Profile Source: Anonymous
Introduction / History
Wagi people are standing at the edge between their traditional culture and the encroaching urban Papua New Guinean culture.
Five Wagi villages sit only a short distance from one of Papua New Guinea’s largest urban centers, Madang. Many Wagi people travel to Madang regularly in PMVs (public motor vehicles), to work, shop, socialize, or sell produce or traditional string bags at the market.
The influence of urban culture is evident in the Wagi area. While most homes are made with traditional materials, such as bamboo and sago leaves, some are made with sawn lumber and metal roofs on a concrete foundation. Everyone wears western-style clothes most of which are purchased at secondhand shops in Madang. Wagi people eat mostly food grown in their gardens, like taro, greens, corn, sugarcane, bananas, and pineapples, but they also supplement their diet with food from town, like rice, noodles, and tinned meat.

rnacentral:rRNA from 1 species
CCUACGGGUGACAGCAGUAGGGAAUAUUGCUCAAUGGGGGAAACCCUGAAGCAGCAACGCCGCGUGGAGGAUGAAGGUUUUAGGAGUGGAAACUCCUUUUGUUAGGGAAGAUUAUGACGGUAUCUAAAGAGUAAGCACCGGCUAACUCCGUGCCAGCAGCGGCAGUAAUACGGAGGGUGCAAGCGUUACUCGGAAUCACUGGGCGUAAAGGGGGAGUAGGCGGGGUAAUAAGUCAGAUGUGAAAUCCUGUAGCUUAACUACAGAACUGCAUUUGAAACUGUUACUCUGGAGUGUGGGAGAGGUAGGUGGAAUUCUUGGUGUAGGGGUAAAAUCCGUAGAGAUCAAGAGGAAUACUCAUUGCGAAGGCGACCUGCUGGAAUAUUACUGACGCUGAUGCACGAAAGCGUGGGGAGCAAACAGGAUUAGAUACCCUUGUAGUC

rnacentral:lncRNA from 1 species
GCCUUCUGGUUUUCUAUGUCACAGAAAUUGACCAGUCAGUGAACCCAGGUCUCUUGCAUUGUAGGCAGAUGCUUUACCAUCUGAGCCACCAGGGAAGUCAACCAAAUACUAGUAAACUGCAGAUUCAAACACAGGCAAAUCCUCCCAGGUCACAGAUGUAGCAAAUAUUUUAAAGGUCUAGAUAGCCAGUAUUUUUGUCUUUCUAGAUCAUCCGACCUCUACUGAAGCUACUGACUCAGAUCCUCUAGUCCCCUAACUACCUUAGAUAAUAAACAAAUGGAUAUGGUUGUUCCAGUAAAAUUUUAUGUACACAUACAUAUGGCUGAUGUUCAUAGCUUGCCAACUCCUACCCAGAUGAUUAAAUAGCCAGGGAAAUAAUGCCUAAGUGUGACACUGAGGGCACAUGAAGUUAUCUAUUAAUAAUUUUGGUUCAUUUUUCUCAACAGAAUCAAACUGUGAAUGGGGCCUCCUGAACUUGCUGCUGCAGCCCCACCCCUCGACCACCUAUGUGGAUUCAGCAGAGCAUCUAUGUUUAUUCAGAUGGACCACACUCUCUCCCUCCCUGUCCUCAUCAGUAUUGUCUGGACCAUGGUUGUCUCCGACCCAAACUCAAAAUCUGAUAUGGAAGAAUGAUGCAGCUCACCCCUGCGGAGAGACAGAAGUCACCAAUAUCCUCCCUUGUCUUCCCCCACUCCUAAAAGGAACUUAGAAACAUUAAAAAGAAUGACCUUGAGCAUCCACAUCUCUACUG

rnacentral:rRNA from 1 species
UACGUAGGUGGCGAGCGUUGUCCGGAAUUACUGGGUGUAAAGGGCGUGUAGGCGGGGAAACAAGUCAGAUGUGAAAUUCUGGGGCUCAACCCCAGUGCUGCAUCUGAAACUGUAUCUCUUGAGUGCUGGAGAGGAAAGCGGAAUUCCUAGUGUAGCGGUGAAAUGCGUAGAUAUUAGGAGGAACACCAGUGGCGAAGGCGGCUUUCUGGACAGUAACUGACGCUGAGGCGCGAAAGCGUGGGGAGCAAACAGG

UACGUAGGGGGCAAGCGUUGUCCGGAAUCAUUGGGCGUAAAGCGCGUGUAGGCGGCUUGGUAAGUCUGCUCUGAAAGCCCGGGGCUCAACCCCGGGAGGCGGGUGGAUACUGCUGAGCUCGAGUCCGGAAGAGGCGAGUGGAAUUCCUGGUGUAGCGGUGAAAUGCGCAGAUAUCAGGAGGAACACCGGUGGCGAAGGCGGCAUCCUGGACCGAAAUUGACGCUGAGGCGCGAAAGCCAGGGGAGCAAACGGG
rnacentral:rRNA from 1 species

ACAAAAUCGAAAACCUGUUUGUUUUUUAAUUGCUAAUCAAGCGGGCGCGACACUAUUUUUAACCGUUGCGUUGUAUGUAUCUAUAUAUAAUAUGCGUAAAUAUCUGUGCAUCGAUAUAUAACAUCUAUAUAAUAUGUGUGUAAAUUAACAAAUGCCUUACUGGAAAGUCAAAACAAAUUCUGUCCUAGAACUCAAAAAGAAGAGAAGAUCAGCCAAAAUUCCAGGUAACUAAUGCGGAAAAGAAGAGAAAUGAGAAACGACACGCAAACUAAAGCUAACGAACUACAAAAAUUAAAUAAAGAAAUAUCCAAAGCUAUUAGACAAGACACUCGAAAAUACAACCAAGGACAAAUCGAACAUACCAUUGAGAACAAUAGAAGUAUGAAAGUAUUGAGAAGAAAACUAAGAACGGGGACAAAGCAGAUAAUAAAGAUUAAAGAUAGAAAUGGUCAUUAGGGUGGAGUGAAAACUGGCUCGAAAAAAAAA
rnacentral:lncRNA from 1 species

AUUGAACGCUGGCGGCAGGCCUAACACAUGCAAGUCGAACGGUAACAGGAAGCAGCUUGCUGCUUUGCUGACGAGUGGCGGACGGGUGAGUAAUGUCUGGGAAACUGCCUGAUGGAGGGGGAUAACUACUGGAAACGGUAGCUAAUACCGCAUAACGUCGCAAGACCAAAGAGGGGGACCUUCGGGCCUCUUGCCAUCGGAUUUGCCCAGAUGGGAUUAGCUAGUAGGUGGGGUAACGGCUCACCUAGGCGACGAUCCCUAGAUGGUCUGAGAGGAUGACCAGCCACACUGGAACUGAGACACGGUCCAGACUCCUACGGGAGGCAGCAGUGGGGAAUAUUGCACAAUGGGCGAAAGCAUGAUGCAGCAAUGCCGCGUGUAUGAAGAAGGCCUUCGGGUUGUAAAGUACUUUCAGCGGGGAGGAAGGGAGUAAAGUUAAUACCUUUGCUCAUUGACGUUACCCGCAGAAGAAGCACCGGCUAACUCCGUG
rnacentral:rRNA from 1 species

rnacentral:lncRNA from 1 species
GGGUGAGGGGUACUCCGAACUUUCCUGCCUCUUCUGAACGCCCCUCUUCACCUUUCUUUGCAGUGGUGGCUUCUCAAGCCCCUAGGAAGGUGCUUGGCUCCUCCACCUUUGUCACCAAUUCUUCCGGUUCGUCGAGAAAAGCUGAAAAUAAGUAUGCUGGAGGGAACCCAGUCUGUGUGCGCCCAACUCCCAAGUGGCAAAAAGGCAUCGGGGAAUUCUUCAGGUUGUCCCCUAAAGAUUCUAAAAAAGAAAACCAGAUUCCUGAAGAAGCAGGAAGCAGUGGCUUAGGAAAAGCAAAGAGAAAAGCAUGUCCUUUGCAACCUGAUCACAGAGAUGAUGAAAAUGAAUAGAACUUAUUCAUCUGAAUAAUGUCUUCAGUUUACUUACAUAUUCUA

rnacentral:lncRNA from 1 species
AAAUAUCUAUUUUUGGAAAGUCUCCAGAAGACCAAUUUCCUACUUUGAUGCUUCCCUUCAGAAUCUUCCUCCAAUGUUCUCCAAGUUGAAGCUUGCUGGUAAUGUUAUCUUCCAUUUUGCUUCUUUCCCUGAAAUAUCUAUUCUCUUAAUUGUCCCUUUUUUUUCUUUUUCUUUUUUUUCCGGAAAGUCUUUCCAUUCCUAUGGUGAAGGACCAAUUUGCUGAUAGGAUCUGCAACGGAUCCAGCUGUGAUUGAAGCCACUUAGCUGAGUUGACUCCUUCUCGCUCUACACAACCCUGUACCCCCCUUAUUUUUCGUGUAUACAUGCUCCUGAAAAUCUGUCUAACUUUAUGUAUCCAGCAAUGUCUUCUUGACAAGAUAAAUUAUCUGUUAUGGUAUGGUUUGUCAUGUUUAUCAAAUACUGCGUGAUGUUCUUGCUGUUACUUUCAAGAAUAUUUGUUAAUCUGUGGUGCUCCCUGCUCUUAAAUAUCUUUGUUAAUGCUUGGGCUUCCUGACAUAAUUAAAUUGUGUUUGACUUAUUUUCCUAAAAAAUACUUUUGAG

What are Their Beliefs?
Christianity first entered the Wagi area around 1910, when some Wagi men traveled to a Lutheran mission station in a neighboring language, became Christians, and returned to share the good news with their own people. Even though there are now fourteen churches in the area, many people don’t have a true understanding of the gospel.
What are Their Needs?
In the early 1990s, a missionary family moved into the Wagi area to translate the Bible. Unfortunately, they left only a short time later because of illness, and the work stopped. However, in 2008, three Wagi men restarted the translation work and have already revised and distributed some Scripture portions done by the original translator.